The episode makes it evident that there is more to most characters than it seems. The game has done a pretty good job of convincing the player which Arcadia Bay inhabitants we should dislike and suspect, but as the story develops, it becomes more and more obvious that maybe things are not so black and white after all. Another thing that becomes almost painfully apparent in the game is Max’s ability to see good sides in everyone and tell them exactly what they need to hear. Even though it gets a bit grating at times, it is still a beautiful thing to experience how people react to being told positive and reinforcing things in a society where being a young adult translates to incredible amounts of pressure and judgement.

Certain characters are also showing significant and much appreciated personal growth, especially the blue haired wild child that is Chloe. It took me quite some time to warm up to her as I found her surprisingly selfish and self-focused at times. Even though I could see why she acted the way she did, it stopped me from liking her as much as I wanted to, seeing as she is pretty damn kickass. Episode 4 shows a somewhat matured Chloe who is very protective of Max’s security and who is finally willing to take responsibility for her actions. And I love her for it.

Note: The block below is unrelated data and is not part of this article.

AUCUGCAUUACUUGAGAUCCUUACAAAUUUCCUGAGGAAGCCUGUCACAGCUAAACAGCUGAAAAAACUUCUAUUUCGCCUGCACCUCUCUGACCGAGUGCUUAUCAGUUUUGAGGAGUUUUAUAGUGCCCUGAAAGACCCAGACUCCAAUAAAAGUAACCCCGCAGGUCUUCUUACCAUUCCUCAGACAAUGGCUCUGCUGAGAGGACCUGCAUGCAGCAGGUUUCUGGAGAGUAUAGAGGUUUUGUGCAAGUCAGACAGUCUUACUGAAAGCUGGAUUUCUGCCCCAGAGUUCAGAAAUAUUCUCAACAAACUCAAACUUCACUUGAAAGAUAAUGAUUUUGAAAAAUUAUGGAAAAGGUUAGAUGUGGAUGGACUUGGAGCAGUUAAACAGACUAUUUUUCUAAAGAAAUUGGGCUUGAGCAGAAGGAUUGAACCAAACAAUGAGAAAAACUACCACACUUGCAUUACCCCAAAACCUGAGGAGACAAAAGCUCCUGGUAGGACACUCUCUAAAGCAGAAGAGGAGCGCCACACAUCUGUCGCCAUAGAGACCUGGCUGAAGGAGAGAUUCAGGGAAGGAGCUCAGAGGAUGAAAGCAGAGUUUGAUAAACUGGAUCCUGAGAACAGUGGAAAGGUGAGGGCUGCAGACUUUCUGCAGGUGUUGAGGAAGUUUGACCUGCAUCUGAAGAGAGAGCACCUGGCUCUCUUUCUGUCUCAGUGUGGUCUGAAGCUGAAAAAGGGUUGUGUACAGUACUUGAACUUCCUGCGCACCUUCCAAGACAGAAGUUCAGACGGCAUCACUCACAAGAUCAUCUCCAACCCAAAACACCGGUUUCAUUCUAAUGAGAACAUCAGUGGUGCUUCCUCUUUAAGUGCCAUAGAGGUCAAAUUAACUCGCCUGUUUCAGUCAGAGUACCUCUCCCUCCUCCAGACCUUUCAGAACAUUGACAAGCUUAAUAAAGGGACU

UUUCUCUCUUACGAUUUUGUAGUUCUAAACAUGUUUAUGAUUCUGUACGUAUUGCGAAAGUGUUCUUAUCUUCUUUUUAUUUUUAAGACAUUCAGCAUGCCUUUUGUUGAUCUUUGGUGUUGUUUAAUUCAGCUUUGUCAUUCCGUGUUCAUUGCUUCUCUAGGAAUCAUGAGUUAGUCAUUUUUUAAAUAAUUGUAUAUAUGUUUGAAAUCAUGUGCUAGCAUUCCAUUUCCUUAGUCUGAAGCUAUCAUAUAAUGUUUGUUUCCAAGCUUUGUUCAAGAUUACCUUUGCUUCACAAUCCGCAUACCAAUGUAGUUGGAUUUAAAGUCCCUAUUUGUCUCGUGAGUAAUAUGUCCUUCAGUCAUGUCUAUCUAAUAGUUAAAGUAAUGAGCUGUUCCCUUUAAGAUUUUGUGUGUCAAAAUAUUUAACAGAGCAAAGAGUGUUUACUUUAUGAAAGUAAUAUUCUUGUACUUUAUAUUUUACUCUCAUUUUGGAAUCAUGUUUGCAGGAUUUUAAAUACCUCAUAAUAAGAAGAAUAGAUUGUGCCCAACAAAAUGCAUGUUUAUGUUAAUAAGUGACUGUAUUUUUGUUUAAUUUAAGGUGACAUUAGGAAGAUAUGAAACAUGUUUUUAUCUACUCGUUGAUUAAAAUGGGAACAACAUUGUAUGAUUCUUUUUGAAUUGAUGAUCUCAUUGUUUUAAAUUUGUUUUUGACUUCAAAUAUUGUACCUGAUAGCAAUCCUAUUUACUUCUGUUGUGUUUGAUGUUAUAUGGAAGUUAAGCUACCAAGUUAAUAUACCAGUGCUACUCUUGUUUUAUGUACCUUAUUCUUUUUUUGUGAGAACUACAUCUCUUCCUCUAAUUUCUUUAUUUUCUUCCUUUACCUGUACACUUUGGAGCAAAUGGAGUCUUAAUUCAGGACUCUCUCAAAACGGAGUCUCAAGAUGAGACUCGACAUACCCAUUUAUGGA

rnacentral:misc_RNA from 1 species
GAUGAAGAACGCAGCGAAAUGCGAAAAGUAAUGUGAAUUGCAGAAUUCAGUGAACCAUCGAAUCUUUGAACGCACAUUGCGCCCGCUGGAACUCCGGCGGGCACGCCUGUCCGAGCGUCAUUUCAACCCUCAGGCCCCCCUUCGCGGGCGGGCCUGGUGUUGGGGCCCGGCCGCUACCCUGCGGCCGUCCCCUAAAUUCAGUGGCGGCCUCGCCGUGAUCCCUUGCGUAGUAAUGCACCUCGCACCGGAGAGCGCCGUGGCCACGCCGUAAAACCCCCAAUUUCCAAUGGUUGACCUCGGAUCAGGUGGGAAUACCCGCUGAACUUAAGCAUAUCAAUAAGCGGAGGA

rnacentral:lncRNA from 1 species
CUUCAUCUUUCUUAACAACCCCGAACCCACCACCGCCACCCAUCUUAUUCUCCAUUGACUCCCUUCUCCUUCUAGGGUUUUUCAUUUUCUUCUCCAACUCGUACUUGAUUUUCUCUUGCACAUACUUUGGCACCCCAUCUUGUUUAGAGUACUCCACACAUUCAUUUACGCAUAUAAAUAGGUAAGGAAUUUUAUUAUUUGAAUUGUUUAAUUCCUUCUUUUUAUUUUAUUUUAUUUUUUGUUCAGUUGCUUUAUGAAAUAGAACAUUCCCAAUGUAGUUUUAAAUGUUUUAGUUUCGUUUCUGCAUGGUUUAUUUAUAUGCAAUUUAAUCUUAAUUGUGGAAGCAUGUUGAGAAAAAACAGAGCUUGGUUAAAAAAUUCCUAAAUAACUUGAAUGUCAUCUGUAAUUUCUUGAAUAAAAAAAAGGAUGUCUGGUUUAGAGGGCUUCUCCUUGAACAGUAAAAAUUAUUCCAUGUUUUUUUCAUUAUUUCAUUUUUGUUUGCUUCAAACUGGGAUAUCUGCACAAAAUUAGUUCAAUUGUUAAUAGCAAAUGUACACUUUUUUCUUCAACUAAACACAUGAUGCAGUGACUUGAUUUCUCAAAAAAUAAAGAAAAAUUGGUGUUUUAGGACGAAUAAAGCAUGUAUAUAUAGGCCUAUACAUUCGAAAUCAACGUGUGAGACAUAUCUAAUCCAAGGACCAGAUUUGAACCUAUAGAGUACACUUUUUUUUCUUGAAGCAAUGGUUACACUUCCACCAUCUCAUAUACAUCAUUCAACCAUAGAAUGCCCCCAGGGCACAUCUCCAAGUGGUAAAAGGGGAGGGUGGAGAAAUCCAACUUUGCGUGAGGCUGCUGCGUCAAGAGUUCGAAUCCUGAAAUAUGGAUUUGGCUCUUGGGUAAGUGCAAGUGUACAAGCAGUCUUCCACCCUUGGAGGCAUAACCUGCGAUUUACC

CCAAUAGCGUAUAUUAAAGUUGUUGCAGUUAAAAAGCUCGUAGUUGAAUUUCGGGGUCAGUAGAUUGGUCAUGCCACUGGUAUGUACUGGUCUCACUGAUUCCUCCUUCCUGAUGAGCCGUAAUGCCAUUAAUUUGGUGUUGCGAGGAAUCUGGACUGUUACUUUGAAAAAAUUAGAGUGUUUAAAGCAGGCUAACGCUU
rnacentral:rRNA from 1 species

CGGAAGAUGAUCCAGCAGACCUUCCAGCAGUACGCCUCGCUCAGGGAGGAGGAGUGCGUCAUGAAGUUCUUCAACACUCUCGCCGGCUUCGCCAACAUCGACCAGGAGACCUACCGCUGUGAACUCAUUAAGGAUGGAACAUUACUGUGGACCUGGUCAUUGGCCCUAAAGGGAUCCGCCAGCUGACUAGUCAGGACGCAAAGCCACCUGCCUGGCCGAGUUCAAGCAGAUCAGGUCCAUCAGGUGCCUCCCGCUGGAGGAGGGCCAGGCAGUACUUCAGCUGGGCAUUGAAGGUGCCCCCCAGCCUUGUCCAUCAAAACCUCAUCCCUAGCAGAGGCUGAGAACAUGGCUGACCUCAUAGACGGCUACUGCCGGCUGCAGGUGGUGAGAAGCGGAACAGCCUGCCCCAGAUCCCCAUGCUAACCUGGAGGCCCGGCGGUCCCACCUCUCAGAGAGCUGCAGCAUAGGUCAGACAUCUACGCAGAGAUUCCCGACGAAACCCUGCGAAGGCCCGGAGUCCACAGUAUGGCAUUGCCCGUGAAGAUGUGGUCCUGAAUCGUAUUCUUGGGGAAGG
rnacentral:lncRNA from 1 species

The best pirate bff [SOURCE: telltalegames.com]

The best pirate BFF. [SOURCE: telltalegames.com]

Seeing as I personally love to wander around at Blackwell and Arcadia Bay, I was not overly bothered with issues of pacing and lack of action, but I did notice that many segments of the episode are slow and drawn out. Putting together and using the clues we’ve gathered so far turns out to be a somewhat frustrating experience. I chose to put some music on in the background (on Chloe’s good old Hifi that is) and ended up making discoveries I thought were really interesting – but the usual reflections provided by Max were absent. I would have liked some reflection or observation on the fact that Kate aka Chihuahua met up with the drug-dealing and dog-loving Frank several times and bought quite a lot of drugs. Instead I had to put pieces together that seemed pretty irrelevant or lacking of a clear directive. Even though I played episode 1-3 in a row a couple of weeks ago, I found it difficult to remember all the details and clues, and some voice over reminders would have been helpful and interesting as you stumble and feel unsure about the point of what you’re doing.